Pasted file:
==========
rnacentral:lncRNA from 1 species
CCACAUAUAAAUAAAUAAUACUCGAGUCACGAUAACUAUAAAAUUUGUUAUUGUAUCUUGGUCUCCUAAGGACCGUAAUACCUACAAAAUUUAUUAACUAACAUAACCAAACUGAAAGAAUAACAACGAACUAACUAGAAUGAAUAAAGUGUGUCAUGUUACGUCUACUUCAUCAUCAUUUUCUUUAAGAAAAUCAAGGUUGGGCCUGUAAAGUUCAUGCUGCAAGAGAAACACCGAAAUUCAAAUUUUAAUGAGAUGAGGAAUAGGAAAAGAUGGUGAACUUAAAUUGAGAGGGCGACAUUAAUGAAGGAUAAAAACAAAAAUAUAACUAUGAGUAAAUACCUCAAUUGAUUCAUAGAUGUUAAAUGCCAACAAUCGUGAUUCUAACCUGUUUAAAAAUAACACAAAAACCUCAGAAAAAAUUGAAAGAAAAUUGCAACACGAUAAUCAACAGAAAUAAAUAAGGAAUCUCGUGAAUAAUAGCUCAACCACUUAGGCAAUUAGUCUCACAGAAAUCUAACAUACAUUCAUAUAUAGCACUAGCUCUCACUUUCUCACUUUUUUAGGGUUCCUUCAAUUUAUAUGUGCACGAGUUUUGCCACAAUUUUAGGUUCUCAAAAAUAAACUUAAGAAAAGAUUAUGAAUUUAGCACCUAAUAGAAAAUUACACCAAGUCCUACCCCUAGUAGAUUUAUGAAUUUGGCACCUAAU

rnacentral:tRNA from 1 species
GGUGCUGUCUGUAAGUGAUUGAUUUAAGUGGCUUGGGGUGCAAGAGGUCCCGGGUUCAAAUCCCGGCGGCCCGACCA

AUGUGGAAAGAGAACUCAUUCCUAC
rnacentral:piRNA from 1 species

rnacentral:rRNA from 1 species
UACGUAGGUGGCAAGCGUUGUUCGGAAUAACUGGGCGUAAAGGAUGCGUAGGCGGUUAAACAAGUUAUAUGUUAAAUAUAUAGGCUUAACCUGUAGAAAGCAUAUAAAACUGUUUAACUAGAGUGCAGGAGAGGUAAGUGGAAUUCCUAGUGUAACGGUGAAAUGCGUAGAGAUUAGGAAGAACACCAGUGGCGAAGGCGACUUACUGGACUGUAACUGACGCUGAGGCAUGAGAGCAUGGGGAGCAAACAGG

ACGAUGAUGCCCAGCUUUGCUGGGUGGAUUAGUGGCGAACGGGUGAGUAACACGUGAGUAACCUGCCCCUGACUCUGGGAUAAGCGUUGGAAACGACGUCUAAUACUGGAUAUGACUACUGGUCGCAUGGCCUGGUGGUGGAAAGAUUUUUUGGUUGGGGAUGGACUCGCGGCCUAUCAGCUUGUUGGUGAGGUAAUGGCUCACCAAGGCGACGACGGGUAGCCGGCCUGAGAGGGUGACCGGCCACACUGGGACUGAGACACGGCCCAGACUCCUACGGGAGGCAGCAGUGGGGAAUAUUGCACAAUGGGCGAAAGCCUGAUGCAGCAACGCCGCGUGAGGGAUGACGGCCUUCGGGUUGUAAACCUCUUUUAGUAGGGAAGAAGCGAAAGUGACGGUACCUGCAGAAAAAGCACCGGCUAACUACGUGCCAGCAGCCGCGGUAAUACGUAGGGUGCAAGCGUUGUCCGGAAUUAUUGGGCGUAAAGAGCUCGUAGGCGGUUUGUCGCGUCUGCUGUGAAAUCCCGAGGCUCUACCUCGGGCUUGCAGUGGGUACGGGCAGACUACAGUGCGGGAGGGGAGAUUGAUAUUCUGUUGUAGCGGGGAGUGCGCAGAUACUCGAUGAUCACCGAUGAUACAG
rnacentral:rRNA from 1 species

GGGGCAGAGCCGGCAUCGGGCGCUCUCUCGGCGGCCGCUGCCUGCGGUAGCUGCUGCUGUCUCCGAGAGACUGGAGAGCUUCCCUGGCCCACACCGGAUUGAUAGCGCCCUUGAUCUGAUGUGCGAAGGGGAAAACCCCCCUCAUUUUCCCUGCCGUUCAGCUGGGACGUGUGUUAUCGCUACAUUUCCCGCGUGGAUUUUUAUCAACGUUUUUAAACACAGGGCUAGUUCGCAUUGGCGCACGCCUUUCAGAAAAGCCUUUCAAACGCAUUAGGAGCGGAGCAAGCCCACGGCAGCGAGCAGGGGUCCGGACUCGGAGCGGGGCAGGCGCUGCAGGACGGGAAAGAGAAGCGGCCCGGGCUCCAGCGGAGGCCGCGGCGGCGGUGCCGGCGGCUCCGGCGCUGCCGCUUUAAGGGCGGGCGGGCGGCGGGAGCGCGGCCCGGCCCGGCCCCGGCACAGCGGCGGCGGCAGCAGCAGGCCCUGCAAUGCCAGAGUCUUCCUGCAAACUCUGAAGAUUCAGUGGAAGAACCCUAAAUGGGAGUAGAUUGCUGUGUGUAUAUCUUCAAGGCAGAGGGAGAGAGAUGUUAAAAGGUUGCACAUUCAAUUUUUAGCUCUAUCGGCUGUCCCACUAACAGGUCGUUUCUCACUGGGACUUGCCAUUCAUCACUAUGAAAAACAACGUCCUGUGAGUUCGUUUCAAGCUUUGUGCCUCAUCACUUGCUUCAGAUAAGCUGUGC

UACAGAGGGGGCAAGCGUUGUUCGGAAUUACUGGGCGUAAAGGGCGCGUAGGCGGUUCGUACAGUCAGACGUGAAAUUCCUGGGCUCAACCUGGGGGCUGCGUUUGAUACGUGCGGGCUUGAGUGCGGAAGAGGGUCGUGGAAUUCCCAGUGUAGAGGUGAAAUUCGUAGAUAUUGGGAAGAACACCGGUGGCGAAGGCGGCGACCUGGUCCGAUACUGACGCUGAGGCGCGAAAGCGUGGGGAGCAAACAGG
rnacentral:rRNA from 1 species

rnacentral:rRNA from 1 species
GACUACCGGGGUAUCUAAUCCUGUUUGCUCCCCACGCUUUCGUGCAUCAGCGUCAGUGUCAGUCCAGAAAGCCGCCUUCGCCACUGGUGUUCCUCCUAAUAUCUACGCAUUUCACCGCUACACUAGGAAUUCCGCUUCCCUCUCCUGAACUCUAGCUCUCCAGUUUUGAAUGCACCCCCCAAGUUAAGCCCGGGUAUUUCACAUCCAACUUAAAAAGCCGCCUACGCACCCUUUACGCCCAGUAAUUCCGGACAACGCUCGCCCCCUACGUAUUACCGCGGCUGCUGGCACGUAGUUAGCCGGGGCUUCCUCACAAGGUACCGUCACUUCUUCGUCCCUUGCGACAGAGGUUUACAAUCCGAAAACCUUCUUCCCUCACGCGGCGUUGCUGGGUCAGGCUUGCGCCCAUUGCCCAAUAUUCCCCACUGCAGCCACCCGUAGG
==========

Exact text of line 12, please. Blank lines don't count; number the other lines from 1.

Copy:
UACAGAGGGGGCAAGCGUUGUUCGGAAUUACUGGGCGUAAAGGGCGCGUAGGCGGUUCGUACAGUCAGACGUGAAAUUCCUGGGCUCAACCUGGGGGCUGCGUUUGAUACGUGCGGGCUUGAGUGCGGAAGAGGGUCGUGGAAUUCCCAGUGUAGAGGUGAAAUUCGUAGAUAUUGGGAAGAACACCGGUGGCGAAGGCGGCGACCUGGUCCGAUACUGACGCUGAGGCGCGAAAGCGUGGGGAGCAAACAGG